Things Have To Change: Pali

Award-winning artist Sechaba Pali says he makes no apologies for what he said on Sunday before he was removed from the stage during a gospel show at Macufe.

Pali – who is well known for throwing tantrums as much as he is for his talent – drew the ire of gospel music lovers when he said he could not perform for peanuts.

Scheduled as one of the headliners, the controversial Pali took to stage after Thoko Nogabe, much to the delight of fans. However, their excitement was short-lived as he was hauled off the stage by Lesedi FM presenter Lefa Pheto, who was MC on the day.

Pali was removed after he reportedly said, “These people expect me to perform live having paid me only R17 000, yet these fake pastors who are on stage and other artists are paid more than me.”

The musician’s microphone was immediately cut and he was escorted off stage, angering gospel music lovers who threw beer cans on stage, even splashing the MC with beer. However, Pheto kept his cool and managed to get the crew under control.

Commenting after the incident, the department of arts and culture said Pali’s rant was uncalled for and projected a negative picture about the event.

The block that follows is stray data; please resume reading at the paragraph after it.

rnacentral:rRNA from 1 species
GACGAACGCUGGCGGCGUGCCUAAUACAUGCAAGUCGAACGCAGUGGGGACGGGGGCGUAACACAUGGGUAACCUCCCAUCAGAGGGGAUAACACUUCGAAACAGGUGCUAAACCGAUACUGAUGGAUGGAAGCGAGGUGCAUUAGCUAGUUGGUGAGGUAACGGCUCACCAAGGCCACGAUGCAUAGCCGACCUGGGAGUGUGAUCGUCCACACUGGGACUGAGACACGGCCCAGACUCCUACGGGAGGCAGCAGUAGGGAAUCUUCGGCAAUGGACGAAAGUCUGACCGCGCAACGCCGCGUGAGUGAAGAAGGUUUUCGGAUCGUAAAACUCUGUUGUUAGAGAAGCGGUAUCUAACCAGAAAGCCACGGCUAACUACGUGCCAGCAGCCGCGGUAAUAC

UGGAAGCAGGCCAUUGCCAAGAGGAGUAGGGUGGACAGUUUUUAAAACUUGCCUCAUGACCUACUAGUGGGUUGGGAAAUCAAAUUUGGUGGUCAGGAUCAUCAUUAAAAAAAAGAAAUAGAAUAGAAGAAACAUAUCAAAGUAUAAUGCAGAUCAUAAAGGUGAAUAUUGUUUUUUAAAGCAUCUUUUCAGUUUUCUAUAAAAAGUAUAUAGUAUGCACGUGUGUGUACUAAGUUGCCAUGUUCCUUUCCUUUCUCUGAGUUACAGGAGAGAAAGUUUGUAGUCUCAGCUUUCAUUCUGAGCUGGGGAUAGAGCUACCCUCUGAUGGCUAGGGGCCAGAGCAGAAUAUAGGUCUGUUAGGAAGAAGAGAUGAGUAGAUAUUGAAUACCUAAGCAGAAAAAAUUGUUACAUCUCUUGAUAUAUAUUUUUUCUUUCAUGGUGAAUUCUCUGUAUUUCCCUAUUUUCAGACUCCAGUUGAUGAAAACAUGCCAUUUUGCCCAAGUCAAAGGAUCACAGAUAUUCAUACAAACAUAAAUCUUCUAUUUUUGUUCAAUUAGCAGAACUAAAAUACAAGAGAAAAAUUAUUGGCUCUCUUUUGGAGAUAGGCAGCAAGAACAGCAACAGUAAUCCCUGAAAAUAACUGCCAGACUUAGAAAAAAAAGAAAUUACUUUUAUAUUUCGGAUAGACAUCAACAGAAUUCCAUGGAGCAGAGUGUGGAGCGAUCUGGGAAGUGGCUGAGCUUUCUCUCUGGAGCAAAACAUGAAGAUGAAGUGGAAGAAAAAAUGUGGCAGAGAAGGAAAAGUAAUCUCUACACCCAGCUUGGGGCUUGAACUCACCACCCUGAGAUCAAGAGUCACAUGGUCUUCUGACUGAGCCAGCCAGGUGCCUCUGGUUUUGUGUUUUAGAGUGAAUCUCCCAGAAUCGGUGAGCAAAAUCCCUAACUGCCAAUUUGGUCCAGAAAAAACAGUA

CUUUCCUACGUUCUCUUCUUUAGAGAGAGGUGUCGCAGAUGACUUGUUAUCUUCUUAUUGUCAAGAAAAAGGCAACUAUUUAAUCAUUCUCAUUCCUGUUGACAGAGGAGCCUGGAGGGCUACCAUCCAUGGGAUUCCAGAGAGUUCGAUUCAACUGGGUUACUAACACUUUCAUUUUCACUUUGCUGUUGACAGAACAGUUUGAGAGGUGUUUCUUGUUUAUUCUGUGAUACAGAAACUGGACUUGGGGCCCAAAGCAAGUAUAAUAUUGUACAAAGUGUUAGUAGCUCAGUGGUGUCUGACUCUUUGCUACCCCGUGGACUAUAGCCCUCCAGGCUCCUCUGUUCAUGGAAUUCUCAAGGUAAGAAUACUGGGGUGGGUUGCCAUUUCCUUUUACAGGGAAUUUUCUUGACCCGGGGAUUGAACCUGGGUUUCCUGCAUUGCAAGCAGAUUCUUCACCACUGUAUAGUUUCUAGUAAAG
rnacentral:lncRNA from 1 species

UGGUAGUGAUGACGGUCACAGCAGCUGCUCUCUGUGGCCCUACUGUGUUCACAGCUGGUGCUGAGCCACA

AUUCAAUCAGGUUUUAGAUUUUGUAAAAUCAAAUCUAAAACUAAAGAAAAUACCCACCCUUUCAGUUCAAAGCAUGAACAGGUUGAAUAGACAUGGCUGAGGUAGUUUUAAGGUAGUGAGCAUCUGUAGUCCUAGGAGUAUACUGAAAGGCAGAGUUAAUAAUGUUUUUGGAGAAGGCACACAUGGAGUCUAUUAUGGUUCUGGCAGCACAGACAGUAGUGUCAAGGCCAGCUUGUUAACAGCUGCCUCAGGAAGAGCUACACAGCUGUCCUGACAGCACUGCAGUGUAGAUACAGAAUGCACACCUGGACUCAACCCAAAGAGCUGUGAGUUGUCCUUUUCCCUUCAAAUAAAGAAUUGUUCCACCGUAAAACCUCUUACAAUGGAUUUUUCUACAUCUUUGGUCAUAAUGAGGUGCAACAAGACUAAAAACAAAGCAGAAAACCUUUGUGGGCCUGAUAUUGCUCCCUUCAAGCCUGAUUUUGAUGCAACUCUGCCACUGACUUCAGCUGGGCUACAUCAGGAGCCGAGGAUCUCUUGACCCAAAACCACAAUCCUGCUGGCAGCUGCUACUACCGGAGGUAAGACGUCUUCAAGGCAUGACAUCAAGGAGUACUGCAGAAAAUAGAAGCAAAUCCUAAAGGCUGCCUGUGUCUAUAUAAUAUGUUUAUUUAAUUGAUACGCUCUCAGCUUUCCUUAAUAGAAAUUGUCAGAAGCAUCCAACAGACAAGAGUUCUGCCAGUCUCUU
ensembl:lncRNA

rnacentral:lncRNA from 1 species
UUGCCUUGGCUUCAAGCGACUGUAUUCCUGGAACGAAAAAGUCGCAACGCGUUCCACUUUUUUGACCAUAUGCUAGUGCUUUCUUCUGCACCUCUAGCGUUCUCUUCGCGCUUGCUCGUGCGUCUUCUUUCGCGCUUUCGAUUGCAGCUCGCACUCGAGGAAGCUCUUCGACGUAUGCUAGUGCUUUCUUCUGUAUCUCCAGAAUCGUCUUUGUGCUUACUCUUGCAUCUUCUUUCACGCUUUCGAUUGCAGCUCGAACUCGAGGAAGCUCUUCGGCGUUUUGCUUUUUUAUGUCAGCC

The artist is lying, said Thabang Moleko, who is responsible for art performances.

“He negotiated R75 000 and that was agreed on.  It was further agreed that he would be paid 20% deposit, which amounts to 15k and the rest would be paid when he gets to the venue, which was R60 000K. All that happened,” noted Moleko.

The problem, according to Moleko, started when Pali wanted to use backtracks for a live band fee, which was something that was not agreed on.

“The contract was very clear and straight forward; it was to be a live band. The musician even emailed his technical riders,” added Moleko, who further questioned why the musician would send such knowing very well the agreement was for a live band.

Despite the explanation, Pali mainted that some local artists were still being underpaid.

“I make no apologies about what I said. I am one of those artists who are underpaid and I know many others but they are afraid to speak out of fear of victimisation, hence it continues to be a trend,” said Pali.

He noted that while everyone could not be paid the same, it remained important for artists to be paid accordingly.

“We might not all be at the same level, but that does not mean others should be exploited for the benefit of others,” he added.

By: Thapelo Molebatsi